THE BOOK OF TOTALLY IRRESPONSIBLE SCIENCE by Sean Connolly (Workman)
Perform first aid on a carrot. See the real iron in a bowl of cereal. Step up your slime by giving it an electrical charge. Make a hovercraft out of an old CD. Stand inside a soap bubble. Hold a Viking funeral. Put a marshmallow on steroids. Cook up a batch of homemade lightning, or make a hot-air balloon out of a teabag, or build your own bottomless pit. Totally science? Oh, yes. Irresponsible? Maybe not, thanks to clear directions and helpful "Take Care" hints noted at the bottom of every experiment, as well as helpful "time factors" to consider (between two minutes to more than a day) and "scientific excuses," also known as explanation. Most of the experiments would probably be better served with a little help from an eagle-eyed adult (I don't think I'd let a kid cook the bacon for a Bacon Smokescreen), but this should be no problemo for a classroom teacher trying to engage a roomful of future scientists. It includes my all-time favorite experiment, "Egg in a Bottle," but generally goes waaAAAaaay beyond the "static balloon" and "floating pin on water" grade-school standbys (even the "Backyard Vesuvius" takes the exploding volcano to a new level). These wacked-out experiments put the mad in science and put to rest the "b" word, "bored." Wouldn't it be nice to never hear that one again? (9 and up, with adult supervision)
Also of interest:
EXPLORATOPIA by The Exploratorium (Little, Brown) Perhaps some of you have been fortunate enough to visit the Exploratorium in San Francisco, the "museum of science, art and human perception," and a mecca of learning and understanding. It's hard to visit that space with all of its hands-on fun and clear explanations and not want to bring it into every classroom in the country. This book can help you try! Just like the museum, you come away with the "why" as much as the "wow." Rich with background information, eye-popping photos are accentuated with colorful drawings to clarify steps and concepts even more fully. Worthy of a whole curriculum and a boon to homeschoolers, this is also a great book for shared science exploration as a family (hey, maybe replace "board game night" once in a while). (9 and up)
BLOOD AND GOO AND BOOGERS TOO! by Steve Alton, Nick Sharratt and Jo Moore (Dial) Subtitled "A heart-pounding pop-up guide to the circulatory and respiratory systems," this book gets off on the gross-out from the outset with some plastic lipid nasal discharge on the cover, and keeps readers gently gagging throughout with the photographic "guess the gross close up" feature throughout (cilia, damaged lung tissue, weakened bacterium). Booger gwee notwithstanding, the exposition on the human body has a steady flow, using appropriate scientific vocabulary without being overwhelming for the intended audience, and the illustrations throughout are brightly colored, cheerful and funny. When I showed a second grade teacher this book, I guess she was used to nasal discharge because she wasn't the least bit thrown. Instead, she used her respiratory system to breathe deeply and sigh, "Wow, this would have been perfect for teaching my unit on the human body." Once you find this has made your science-lover's heart beat faster, you can continue to satifsy their appetite for learning with CHEWY, GOOEY, RUMBLE, PLOP, the companion guide to the digestive system. (7 and up)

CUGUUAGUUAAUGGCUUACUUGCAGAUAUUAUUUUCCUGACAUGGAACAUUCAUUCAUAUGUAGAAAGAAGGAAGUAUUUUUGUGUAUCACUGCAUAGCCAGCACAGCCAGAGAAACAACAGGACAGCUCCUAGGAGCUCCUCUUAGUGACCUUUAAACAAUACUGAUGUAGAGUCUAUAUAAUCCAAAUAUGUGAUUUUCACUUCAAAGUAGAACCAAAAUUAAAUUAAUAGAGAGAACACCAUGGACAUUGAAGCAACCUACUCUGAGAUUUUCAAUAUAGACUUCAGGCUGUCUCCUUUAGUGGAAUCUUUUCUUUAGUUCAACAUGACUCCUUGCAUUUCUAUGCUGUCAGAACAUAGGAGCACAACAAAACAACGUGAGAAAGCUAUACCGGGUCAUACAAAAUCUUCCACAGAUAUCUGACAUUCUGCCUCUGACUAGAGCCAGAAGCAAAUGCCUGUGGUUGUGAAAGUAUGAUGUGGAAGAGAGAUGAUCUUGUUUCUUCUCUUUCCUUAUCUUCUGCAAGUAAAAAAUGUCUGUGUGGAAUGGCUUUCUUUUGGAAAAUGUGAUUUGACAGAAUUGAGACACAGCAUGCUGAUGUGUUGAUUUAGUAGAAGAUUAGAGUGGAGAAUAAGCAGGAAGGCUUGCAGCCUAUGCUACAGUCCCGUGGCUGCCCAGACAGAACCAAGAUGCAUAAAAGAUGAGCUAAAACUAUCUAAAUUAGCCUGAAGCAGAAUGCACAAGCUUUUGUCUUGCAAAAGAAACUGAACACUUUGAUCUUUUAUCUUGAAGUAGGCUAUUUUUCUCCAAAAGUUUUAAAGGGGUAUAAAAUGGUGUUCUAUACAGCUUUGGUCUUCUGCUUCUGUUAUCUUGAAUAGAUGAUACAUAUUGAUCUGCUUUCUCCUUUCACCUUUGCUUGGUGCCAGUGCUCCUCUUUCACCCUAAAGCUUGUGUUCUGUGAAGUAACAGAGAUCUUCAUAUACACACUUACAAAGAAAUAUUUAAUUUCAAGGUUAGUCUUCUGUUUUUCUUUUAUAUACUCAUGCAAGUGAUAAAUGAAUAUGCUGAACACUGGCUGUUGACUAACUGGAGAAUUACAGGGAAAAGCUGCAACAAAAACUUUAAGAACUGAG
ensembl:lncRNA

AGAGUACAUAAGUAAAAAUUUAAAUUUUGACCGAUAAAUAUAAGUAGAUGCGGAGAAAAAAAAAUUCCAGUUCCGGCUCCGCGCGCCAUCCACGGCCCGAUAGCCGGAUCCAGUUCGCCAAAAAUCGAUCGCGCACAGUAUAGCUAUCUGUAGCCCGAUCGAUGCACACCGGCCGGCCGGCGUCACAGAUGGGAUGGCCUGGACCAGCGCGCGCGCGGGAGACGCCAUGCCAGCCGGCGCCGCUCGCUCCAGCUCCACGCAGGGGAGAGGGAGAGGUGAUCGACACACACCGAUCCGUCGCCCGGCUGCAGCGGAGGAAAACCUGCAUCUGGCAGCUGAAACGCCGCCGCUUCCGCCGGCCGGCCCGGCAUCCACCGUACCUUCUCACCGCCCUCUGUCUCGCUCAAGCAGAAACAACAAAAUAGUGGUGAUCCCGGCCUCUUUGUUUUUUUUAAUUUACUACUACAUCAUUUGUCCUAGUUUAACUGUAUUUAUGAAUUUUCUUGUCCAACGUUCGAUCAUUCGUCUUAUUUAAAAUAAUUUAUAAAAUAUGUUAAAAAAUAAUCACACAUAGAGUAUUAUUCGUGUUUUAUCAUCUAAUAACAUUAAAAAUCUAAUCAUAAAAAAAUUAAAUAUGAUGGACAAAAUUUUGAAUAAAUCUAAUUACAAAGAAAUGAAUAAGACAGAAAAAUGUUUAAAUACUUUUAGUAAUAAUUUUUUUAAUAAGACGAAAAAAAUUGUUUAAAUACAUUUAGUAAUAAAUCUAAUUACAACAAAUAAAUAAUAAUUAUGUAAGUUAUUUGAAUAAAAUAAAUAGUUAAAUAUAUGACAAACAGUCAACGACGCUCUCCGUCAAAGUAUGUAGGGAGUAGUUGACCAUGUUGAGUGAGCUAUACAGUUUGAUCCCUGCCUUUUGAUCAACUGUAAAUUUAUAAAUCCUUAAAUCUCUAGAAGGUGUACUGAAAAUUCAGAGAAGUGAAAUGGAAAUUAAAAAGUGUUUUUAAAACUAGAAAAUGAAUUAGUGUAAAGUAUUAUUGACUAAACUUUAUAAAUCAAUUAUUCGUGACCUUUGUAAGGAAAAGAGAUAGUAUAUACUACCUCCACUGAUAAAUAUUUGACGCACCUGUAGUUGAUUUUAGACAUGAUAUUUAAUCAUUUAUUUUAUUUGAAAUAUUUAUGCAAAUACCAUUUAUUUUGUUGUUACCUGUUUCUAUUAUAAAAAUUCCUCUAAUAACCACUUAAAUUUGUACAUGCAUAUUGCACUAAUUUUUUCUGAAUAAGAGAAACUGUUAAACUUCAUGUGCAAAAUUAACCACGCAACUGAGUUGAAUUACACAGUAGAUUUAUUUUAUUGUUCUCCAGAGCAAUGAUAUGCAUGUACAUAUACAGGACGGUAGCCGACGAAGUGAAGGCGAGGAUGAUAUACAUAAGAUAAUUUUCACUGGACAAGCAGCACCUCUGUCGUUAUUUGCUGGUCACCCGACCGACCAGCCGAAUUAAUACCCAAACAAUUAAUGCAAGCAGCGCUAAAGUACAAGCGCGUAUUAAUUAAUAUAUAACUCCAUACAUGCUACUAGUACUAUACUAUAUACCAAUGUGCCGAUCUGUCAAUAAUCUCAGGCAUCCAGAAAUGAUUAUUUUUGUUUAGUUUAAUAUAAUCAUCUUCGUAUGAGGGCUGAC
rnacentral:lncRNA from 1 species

Speaking of science over-the-top, I'm hoping everyone is familiar with the Frannie K. Stein series. Sugar and spice and all things nice she's not, but Bunsen burners are a-popping to celebrate the arrival of this nonconformist who may well provide the female counterpart to Dav Pilkey's CAPTAIN UNDERPANTS. While Franny's mother might have hoped for one of the Ashley twins, she's got more of a Wednesday Addams on her hands, re-doing her bedroom's frou-frou decor to resemble a laboratory. As we meet her in the first installment, LUNCH WALKS AMONG US, Franny likes science a lot, but she likes making friends even more, and is troubled by the reticence of her peers to gather 'round. When her concerned teacher suggests Franny think of making friends as an experiment, she's talking Franny's language. After collecting the necessary data, Franny undergoes a dramatic transformation (brought to life courtesy of some mix-and-match pages in the book that will make your children laugh out loud), and finds the popularity she's been craving. But when her teacher is abducted by The Giant Monsterous Fiend, she makes a difficult decision and returns to her more craven self in order to create the lunch meat monster that can perform the rescue. While Benton may be accused of a certain amount of copy-catting and potty humor, there is definitely a method to the madness. The story has real conflict that both boys and girls will recognize, low-level vocabulary and page-turning suspense to ensure success for reluctant or emergent readers, and the cartoon illustrations are cool enough to compete with Saturday morning television. I hypothesize that this little girl who uses a snake to skip rope, builds a Barbie clone that can chomp the heads off of other dolls and has a green thumb for Venus flytraps has the potential to ooze her way into the hearts of many. (7 and up)
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